Paul said in Romans 5, in Adam, we all die. We all experience the curse of Adam’s covenant failure. The curse was universal. The flood was also universal. God destroyed all but eight souls. After Babel, we are all sentenced to the curse of racial confusion. The issue with racism is seen in the way human beings classify themselves and then elevate their race and themselves above others. The issue isn’t skin color. The issue is self-promotion. The issue is the idolatry of the race of which we happen to be apart. The issue is the age-old problem of the idolatry of self. We are prone to worship ourselves and we are prone to worship our race. In so doing, we necessarily relegate other races to a lower place than our own. This practice of partiality is the heartbeat sin of racism. It isn’t about being black, white, brown, or red. It is the idolatrous exaltation of one race or type of human over another. It extends far beyond skin color, cultural differences, or language. It extends into social status as well. To be sure, Scripture has a lot to say about the matter.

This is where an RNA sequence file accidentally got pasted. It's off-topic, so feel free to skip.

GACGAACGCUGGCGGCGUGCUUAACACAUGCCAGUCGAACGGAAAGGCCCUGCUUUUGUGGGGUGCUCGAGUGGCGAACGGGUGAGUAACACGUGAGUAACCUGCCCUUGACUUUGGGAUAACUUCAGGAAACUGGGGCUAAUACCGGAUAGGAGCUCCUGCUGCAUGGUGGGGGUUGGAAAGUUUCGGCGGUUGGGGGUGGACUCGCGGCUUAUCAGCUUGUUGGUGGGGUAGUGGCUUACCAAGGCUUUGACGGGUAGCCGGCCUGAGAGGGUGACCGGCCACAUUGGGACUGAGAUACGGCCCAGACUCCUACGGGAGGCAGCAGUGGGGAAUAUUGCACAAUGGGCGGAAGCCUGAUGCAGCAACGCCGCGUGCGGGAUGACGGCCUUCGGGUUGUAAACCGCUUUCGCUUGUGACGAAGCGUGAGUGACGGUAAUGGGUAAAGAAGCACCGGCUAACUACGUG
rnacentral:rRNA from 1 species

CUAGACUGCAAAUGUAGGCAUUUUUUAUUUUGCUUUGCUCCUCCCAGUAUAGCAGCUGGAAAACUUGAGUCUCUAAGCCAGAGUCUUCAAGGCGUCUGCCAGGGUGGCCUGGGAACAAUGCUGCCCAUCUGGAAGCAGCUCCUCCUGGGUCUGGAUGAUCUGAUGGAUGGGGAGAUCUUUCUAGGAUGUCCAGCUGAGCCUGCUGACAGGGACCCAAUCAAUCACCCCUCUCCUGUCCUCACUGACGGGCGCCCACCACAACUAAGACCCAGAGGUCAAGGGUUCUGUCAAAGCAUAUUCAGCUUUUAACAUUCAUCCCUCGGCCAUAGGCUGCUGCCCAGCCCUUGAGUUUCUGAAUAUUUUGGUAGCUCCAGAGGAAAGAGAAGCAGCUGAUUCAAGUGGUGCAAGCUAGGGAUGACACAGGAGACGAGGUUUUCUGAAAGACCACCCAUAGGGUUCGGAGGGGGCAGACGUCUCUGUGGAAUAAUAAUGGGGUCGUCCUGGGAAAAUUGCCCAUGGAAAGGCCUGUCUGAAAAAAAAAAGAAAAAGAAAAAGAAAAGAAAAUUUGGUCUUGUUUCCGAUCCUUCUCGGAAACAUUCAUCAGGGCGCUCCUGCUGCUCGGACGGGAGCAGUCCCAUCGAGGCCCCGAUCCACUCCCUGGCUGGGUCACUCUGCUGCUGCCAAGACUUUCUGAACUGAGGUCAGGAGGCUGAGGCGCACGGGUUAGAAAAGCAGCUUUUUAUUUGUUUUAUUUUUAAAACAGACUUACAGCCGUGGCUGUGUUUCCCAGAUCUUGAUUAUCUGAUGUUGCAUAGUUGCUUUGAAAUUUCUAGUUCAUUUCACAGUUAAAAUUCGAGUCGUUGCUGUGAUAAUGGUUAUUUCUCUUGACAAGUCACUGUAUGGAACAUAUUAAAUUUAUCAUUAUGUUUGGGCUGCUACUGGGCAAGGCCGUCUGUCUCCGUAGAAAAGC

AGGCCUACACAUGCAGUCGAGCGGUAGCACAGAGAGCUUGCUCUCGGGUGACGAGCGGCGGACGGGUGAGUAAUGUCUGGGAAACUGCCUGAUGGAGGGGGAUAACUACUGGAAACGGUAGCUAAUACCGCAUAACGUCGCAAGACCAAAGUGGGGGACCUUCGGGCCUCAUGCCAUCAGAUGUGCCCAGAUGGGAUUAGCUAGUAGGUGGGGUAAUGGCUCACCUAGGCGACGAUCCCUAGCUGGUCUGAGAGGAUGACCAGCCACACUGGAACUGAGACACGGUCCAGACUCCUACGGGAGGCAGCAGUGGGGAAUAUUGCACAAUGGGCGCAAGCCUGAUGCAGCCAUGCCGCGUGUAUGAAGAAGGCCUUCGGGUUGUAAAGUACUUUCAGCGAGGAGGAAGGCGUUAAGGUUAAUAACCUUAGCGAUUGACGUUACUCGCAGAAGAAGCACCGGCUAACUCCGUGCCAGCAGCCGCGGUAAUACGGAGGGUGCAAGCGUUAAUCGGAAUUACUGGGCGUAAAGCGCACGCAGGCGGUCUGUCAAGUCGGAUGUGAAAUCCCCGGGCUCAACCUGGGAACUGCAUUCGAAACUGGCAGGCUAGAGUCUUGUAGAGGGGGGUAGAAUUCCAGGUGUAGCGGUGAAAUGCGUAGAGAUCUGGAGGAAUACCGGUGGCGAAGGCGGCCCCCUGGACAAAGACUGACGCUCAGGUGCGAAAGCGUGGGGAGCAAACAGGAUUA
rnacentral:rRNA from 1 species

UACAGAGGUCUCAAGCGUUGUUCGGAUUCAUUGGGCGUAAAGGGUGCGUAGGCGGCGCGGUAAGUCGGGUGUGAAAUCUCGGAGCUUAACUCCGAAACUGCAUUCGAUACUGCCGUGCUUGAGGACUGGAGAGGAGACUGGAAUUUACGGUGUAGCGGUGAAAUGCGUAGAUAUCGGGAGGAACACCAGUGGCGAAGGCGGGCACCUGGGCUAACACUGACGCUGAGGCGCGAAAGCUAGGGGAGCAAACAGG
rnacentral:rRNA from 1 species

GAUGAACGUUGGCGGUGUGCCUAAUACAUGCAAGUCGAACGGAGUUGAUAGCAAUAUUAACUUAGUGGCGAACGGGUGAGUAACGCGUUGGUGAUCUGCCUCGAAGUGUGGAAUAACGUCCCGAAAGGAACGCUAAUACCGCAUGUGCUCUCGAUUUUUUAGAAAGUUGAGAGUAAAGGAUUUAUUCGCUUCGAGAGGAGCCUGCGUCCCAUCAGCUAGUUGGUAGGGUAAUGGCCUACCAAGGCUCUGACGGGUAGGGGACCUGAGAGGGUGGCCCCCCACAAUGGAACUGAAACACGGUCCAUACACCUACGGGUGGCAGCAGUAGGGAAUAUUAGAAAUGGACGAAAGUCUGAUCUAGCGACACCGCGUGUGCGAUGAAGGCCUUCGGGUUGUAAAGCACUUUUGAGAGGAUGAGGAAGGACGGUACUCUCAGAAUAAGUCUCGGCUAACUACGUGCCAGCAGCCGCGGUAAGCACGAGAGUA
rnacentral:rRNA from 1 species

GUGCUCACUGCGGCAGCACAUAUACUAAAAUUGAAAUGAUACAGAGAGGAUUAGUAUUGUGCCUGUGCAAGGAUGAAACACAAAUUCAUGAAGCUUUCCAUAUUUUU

To begin with, Gal. 3:28 explicitly informs us that there is neither Jew nor Greek in Christ Jesus, there is neither slave nor free, male nor female. The benefits of the New Covenant are extended to all. While it is true that Paul did not have racial equality in mind as he penned this text, it is just as true that the text carries irresistible inferences regarding the issue of race. God shows no partiality for men based on anything in man, including his race, gender, or social status. Just as babel shows us the curse of God with the resulting confusion, Pentecost is a picture of the reversal of that curse. Peter made this point abundantly clear in Acts 2 when he pointed to Joel and thundered that God was now pouring his Spirit out on all flesh without distinction. Man, or better, humanity is created in the image of God. No one race was created in the image of God. All of humanity, being descended from one couple, is the image of God. As a result of this truth, all humans are people cut from the same divine cloth: God’s image. Yet, we make off boundaries for each other based on all sorts of criteria, race just being one of them. The Christian must understand that it isn’t the criteria for discrimination that is the problem, but the discrimination itself. Discrimination is the showing of partiality and as the New Testament clearly teaches, such partiality is worldly and ungodly on every level.